Our third parish is in the main city, Suva, and is now pastored by Fr. John McEvoy with the help of Marjorie Engcoy. One of the great photos of Raiwaqa is that of Columban Fr. Dermot Hurley, then its pastor, showing Queen Elizabeth of England around the new housing estate there. He was chair of the Fiji Housing Authority at the time. His publications in his almost 50 years as a pastor amounted to a quarter of a million pamphlets, hymn books, prayer books. Suva, the capital, is also where we have our formation houses for seminarians and lay missionaries. Our central house is also in Suva. Here we publish our local missionary magazine Kaulotu which picks up stories by Fijian and Pacifican missionaries and generally attempts to promote Fiji as a mission sending country. Columban Fr. David Arms heads the translation team for the Archdiocese and they have just produced the Altar Missal in Fijian.
Once the Columbans ran up to eighteen of the Archdiocese's thirty-four parishes. One of our main goals was to help develop local vocations, and today most of Fiji's parishes are staffed by Fijian priests. I am happy to have taught Sacred Scripture to almost all of them from Archbishop Chong down during their seminary years at the Fiji Seminary which is today a seminary of 160 students from all over the Pacific.
Winds of change blow in the Church. Fiji was once staffed by missionaries. It is now a mission sending country, and the Columban task today it to help Fiji become ever more missionary. In 2016 Fiji had 65 missionaries overseas, not bad from a diocese of 80,000 people. This included Marist priests, Sisters and brothers, MSC missionaries and others, but the single biggest number of overseas Fijians were Columbans!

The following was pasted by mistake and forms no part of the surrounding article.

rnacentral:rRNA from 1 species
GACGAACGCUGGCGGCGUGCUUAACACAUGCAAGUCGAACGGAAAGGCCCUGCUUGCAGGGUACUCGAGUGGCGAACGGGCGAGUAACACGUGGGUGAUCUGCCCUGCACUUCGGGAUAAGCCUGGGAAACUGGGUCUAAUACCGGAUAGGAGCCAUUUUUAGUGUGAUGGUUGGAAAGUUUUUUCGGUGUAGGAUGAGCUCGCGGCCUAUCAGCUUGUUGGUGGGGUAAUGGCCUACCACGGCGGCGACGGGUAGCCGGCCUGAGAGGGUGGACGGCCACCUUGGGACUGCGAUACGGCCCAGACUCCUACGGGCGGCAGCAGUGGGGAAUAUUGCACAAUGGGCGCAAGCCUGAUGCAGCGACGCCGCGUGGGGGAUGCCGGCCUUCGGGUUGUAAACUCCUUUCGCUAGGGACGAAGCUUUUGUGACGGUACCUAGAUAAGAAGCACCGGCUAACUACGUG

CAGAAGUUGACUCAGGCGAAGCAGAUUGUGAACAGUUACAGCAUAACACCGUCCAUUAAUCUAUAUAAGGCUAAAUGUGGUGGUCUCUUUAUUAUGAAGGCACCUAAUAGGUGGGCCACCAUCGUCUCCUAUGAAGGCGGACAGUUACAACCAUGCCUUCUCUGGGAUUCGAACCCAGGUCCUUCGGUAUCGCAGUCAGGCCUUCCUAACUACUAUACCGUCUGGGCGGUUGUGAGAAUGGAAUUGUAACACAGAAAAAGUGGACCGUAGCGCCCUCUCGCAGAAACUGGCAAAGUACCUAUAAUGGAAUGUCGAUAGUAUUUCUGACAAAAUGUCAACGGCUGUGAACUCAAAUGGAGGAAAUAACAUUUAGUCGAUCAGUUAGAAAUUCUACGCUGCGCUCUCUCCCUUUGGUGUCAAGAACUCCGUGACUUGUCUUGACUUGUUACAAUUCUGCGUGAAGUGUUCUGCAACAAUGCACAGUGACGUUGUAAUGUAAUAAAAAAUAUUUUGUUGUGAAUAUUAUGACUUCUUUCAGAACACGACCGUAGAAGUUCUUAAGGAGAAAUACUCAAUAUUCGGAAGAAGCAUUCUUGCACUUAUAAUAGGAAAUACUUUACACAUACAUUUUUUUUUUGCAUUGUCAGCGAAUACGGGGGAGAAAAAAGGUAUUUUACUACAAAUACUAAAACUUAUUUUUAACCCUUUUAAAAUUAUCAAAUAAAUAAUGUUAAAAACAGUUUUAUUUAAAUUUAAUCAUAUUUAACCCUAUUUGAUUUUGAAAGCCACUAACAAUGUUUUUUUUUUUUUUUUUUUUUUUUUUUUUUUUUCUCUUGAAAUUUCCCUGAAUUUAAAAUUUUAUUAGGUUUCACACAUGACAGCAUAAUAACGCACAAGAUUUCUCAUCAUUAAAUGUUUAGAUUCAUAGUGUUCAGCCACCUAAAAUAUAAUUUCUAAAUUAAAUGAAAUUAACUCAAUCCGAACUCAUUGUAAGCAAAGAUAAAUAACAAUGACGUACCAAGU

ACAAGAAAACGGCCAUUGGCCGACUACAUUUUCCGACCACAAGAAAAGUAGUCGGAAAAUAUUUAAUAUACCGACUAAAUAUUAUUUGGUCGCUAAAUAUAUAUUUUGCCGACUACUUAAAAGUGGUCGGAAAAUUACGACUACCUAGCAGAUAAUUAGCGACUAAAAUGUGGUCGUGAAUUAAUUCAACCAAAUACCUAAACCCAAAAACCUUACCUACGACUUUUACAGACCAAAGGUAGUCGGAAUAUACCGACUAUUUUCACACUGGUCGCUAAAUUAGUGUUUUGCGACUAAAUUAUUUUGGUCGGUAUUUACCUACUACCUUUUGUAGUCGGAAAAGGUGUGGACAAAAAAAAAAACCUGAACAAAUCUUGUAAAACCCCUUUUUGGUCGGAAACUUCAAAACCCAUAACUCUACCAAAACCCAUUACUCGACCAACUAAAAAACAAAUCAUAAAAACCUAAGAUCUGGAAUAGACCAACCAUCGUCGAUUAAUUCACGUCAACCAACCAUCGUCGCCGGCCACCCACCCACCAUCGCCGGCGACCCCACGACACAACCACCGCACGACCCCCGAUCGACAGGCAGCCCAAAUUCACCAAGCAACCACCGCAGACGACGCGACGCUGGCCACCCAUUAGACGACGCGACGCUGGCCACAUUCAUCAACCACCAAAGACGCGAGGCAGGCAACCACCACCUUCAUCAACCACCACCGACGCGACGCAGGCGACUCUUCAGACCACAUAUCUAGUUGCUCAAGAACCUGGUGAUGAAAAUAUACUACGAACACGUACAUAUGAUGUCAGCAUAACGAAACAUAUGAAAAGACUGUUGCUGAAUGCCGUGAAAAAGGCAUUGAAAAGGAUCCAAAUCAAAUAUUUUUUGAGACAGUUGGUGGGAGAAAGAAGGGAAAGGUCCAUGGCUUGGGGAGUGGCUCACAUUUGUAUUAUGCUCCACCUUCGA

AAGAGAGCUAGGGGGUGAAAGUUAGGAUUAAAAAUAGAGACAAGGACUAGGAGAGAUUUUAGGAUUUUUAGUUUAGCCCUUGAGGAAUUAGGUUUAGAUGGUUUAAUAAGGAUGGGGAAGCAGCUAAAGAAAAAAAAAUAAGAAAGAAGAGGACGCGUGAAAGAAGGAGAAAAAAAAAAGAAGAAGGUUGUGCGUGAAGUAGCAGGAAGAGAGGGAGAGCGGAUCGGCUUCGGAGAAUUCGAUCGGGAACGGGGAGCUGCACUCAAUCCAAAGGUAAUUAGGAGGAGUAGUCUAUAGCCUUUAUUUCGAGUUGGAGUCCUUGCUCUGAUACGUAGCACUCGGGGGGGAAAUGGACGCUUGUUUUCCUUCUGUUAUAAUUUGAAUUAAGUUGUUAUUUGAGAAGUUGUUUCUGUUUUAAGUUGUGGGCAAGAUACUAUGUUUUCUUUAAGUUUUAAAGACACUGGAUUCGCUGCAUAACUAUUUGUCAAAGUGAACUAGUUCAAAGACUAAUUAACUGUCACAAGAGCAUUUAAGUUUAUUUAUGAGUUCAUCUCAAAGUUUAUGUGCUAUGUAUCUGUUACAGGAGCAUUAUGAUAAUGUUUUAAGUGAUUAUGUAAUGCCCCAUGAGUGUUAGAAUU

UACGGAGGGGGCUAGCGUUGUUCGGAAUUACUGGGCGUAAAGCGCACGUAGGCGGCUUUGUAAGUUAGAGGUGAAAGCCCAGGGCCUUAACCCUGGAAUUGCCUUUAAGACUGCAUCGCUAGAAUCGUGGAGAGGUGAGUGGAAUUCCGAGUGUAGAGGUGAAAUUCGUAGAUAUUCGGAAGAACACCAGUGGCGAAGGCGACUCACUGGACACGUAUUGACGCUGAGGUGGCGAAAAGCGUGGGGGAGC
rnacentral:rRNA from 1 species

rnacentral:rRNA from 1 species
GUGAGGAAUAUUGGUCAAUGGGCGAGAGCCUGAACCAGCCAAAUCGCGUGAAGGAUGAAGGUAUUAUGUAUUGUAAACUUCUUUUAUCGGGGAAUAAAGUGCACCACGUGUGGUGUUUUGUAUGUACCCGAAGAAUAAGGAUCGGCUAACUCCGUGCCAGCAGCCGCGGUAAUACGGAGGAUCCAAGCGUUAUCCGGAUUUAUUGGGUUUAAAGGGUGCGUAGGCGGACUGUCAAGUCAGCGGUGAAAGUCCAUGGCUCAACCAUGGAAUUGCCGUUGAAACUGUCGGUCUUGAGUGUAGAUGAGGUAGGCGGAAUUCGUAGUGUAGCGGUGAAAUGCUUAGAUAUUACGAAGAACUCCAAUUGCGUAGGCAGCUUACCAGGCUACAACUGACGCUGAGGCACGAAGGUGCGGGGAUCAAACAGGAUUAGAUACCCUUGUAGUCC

Calling others to be missionary witnesses to Jesus means that we also run vocation and formation programs for seminarians and lay missionaries. Currently we have about twelve seminarians. Ten of our Pacifican local priests and seminarians work overseas in places as far apart as Taiwan, Pakistan, and Peru. Those who join us become lifetime missionaries overseas in other Columban missions. We have had a lay mission sending program for 25 years now, and we have sent about 50 lay missionaries on mission. Serafina Ranadi was our senior lay missionary. She died three years ago when serving in Los Angeles, California. She is buried there —not far from Bob Hope!
Fiji figures a lot in the news because of climate change. In November 2017, Fiji lead the COP 23, the United Nations conference on Climate Change held in Bonn. The rising seas are already affecting us. Our Justice and Peace Office led by former lay missionary, Visenia Navelenikoro, is promoting study and action of Pope Francis' Laudato Si' right now to help us appreciate and act on these vital issues. Visenia facilitated a visit to Fiji by Columban eco-theologian, Fr. Sean McDonagh in 2016.
"As the Father has sent me, so I send you." Jesus' command still rings strong in the Pacific and in Fiji. The Fiji region today has about 30 people. Half of these work in Fiji. They staff parishes, teach, do translation work, or intercultural and inter-religious work. Our formation and vocation programs are run by Fijians, Fr. Iowane Gukibau, the first Fijian to join the Columbans and Fr. Willie Lee. Both are temporarily back in Fiji to help keep the home fires burning. In a few years we hope they will be replaced by others enabling them to return to their missions. The other half, people like Tongan Fr. Felisiano Fatu, Rector of Formation in Manila, bring the good news of Jesus and the kingdom of God to the world, in our missions or in our formation programs.
Columban Fr. Donal McIlraith lives and works in Fiji.